1. JESUS COMES. V1
Jesus came over troubled Sea of Galilee to that ill man. God is not absent from our predicament. He comes in Jesus. Jesus comes to us in compassion. Jesus had demonstrated His power over nature by stilling the winds and the waves. Now as He lands on the lakeside, He demonstrates His power over the mind by casting out demons from a possessed man.
The population on the eastern side of Lake Galilee was largely Gentile. There were ten towns known by the Greek name of Decapolis. v20 The locals kept herds of pigs, animals considered unclean by Jews but desired by the Roman soldiers stationed there for meat. There is a steep cliff and some old tombs there today.
2. JESUS CONFRONTS. V2-5.
Suddenly a most disturbed person: unclothed, with bits of broken chain hanging from his wrists, with cuts and dirt upon his chest, deranged, shouting, crying, with self-inflicted wounds, who was living among tombs in a psychotic state runs up to him! Jesus confronts the man. He screams v7 "at the top of his voice, "What do you want with me, Jesus, Son of the Most High God? Swear to God that you won't torture me!" This response came because 5:8 "Jesus had said to him, "Come out of this man, you evil spirit!" I was taught in counselling to be a good listener, to be quiet and reflective, turning the issues back upon the person for their reflection and comment. This is the classic response of Carl Rogers. But Jesus confronts! His is strong Gestalt therapy! This is reality therapy. This is the approach of Frederick Perls. Only after I had been taught in the Gestalt school did I realise how liberating it was with the right person at the right time, to be confrontationalist. For some people it becomes the way of healing. And here is Jesus confronting. Jesus is both compassionate and confrontationist.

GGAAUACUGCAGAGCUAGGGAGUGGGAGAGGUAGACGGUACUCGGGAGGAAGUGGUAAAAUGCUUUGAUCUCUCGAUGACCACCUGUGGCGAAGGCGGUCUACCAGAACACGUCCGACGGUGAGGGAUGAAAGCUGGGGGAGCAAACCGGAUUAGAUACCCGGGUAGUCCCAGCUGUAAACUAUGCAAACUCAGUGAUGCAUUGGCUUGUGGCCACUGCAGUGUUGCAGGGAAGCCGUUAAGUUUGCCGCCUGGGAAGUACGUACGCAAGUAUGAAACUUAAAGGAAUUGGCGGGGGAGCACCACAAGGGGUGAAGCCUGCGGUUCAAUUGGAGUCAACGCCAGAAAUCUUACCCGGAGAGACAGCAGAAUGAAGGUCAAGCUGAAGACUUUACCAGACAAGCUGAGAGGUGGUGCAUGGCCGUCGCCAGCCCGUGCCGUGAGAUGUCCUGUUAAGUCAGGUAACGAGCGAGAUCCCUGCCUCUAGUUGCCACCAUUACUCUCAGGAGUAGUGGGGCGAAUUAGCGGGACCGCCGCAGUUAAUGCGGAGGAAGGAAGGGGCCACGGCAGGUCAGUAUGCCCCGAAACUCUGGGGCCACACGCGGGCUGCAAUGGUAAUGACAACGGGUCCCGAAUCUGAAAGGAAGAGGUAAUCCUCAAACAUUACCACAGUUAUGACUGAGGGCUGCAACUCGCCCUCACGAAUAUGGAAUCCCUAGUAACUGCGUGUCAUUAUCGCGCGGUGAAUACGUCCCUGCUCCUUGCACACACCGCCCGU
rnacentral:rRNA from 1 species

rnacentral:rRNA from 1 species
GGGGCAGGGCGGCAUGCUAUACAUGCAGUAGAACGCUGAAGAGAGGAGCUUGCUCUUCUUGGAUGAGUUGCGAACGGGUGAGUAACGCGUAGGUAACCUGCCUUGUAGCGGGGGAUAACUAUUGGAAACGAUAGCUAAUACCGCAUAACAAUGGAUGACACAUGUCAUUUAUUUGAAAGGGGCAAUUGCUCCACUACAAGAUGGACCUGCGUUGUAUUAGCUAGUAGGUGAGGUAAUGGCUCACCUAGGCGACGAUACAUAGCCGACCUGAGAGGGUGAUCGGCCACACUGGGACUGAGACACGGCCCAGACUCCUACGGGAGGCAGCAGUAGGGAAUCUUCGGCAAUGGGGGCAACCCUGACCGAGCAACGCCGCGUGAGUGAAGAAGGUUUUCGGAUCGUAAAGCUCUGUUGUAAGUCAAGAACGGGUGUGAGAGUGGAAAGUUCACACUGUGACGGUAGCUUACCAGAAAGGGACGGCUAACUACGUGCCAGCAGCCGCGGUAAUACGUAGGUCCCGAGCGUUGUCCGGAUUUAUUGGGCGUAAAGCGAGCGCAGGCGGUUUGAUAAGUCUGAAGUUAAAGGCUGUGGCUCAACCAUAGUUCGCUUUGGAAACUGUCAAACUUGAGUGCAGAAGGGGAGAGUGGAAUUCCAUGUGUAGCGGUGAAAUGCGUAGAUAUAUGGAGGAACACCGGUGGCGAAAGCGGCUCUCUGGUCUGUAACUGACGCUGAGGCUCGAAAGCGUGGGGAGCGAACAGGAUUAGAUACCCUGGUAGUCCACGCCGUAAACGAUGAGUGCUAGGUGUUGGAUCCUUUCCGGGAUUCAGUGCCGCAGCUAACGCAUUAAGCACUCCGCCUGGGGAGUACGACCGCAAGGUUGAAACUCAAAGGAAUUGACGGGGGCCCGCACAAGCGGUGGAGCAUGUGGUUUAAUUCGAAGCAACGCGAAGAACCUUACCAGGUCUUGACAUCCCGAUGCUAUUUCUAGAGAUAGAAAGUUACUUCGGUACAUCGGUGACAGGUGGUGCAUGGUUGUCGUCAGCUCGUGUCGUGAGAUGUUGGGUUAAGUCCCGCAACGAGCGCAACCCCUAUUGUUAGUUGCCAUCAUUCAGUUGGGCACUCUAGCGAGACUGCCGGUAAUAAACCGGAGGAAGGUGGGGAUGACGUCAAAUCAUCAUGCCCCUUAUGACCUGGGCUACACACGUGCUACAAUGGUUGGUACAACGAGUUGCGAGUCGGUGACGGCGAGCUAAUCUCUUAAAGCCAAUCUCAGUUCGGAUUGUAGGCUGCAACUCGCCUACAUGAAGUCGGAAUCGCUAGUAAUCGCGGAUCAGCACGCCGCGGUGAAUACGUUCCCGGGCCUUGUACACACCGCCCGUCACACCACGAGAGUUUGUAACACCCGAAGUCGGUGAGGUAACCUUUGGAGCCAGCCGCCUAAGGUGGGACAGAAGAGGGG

Here is a classic description of demon possession. Demon possession was believed in ancient cultures, in modern primitive cultures and among some Western people today, to be the cause of mental illness.
The symptoms of such possession are like those of psychic illnesses known today: a disregard for personal dignity often seen in nakedness, wearing shabby clothing, neglecting personal hygiene; social isolation rejecting other people; retreating to the simplest kind of shelter, doorways, parks, caves, cemeteries; the capacity to recognize Jesus as divine and the repetition of religious speech or hymns; the frenetic speech, gabbling and shouting; self inflicted injuries and sudden displays of extraordinary strength. Any psychiatrist recognizes these symptoms. One psychiatrist says that verses 3-5 "give a vivid picture of the manic stage of a manic depressive psychosis."